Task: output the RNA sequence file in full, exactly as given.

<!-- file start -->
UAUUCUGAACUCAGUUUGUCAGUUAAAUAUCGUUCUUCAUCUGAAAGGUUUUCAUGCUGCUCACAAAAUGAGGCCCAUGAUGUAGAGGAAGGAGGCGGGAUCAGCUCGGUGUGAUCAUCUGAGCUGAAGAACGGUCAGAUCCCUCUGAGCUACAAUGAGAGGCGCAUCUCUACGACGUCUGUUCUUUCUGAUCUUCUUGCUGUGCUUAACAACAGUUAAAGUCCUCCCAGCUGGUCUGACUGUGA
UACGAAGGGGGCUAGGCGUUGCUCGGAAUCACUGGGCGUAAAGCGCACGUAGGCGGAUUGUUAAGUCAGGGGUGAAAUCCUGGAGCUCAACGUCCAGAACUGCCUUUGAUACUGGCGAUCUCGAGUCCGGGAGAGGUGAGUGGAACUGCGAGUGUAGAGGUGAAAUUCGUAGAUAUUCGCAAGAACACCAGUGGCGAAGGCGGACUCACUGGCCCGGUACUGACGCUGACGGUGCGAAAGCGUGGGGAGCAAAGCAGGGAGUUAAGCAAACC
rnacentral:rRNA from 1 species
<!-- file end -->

UAUUCUGAACUCAGUUUGUCAGUUAAAUAUCGUUCUUCAUCUGAAAGGUUUUCAUGCUGCUCACAAAAUGAGGCCCAUGAUGUAGAGGAAGGAGGCGGGAUCAGCUCGGUGUGAUCAUCUGAGCUGAAGAACGGUCAGAUCCCUCUGAGCUACAAUGAGAGGCGCAUCUCUACGACGUCUGUUCUUUCUGAUCUUCUUGCUGUGCUUAACAACAGUUAAAGUCCUCCCAGCUGGUCUGACUGUGA
UACGAAGGGGGCUAGGCGUUGCUCGGAAUCACUGGGCGUAAAGCGCACGUAGGCGGAUUGUUAAGUCAGGGGUGAAAUCCUGGAGCUCAACGUCCAGAACUGCCUUUGAUACUGGCGAUCUCGAGUCCGGGAGAGGUGAGUGGAACUGCGAGUGUAGAGGUGAAAUUCGUAGAUAUUCGCAAGAACACCAGUGGCGAAGGCGGACUCACUGGCCCGGUACUGACGCUGACGGUGCGAAAGCGUGGGGAGCAAAGCAGGGAGUUAAGCAAACC
rnacentral:rRNA from 1 species